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EDITORIAL: Voter call for change a big opportunity for communities

Both Parksville and Qualicum Beach have new mayors
(PQB News file art)

The voters spoke loudly and clearly on Oct. 15.

They wanted change, especially in the mayoralty races.

Parksville has a new mayor in Doug O’Brien.

O’Brien, who previously served as a city councillor, handily defeated incumbent Ed Mayne, 2,695 votes to 1,225.

“The people of Parksville indicated early on that they were supporting a change in the election,” O’Brien said. “I think that came through loud and clear.”

Mayne saw it a little differently.

“I’m not sure what the people were looking for,” Mayne said. “Except the people of Parksville never vote somebody in, they vote out, is what the tradition is here.”

Qualicum Beach also has a “new” mayor in former mayor Teunis Westbroek.

He also cruised to a victory by a large margin, receiving 2,819 votes, good for 63.3 per cent of the total, compared to 1,565 for incumbent Brian Wiese.

“I want to delete everything that happened that I am not very happy with and start fresh,” said Westbroek, who was previously mayor of Qualicum Beach for six terms. “That’s what I want to offer this council that’s coming up and our community and our staff that we have a new day of fresh approach. And let’s forget what we didn’t like so much about each other and look at the positive things.”

A fresh start may be exactly what’s needed in Qualicum Beach, with the last term proving a sometimes difficult one with perceived in-fighting.

READ MORE: Full election coverage here

In Parksville, there are also five new councillors, indicating voters definitely wanted a fresh start in the city as well.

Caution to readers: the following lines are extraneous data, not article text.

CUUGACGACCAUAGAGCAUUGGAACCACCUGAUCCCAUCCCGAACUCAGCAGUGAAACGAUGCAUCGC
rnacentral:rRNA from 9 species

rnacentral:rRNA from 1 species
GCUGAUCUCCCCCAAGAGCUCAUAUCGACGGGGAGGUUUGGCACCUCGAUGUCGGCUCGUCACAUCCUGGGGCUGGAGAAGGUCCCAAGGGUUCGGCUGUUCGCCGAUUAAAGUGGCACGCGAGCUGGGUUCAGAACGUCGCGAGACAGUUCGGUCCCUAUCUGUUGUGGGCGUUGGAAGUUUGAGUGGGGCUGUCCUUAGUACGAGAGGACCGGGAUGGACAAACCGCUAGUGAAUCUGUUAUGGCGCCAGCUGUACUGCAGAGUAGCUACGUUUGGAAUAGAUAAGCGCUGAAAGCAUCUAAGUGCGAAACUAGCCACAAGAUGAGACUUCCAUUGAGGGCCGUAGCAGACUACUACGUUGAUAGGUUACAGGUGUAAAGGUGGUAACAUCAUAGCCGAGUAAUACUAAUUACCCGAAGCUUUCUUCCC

Regional District of Nanaimo voters were seemingly more happy with their governance, as Leanne Salter in Electoral Area F (Coombs, Hilliers, Errington) and Lehann Wallace Electoral Area G (Dashwood, Englishman River, French Creek) both returning to their positions.

So what does it all mean? The answer is, of course, we’ll see.

We’ve mentioned previously it’s of paramount importance for the leaders to understand they are tasked with governing the entire city or town, not just the folks who happened to vote for or agree with them.

We should know in short order what the primary objectives are for the new councils and their direction. We hope again they’ll be guided by the best possible information, not by the loudest special-interest groups.

A clean slate can be exciting, invigorating and bring a sense of renewal.

Let’s hope they make the best of this opportunity afforded them by voters.

Lastly, let’s not forget that, regardless of your politics, the outgoing politicians and other candidates who put their names forward deserve a mention and our thanks.

It’s not an easy job, especially given the lack of civility that can be found online these days, and simply running as a candidate is a remarkable measure of community service.

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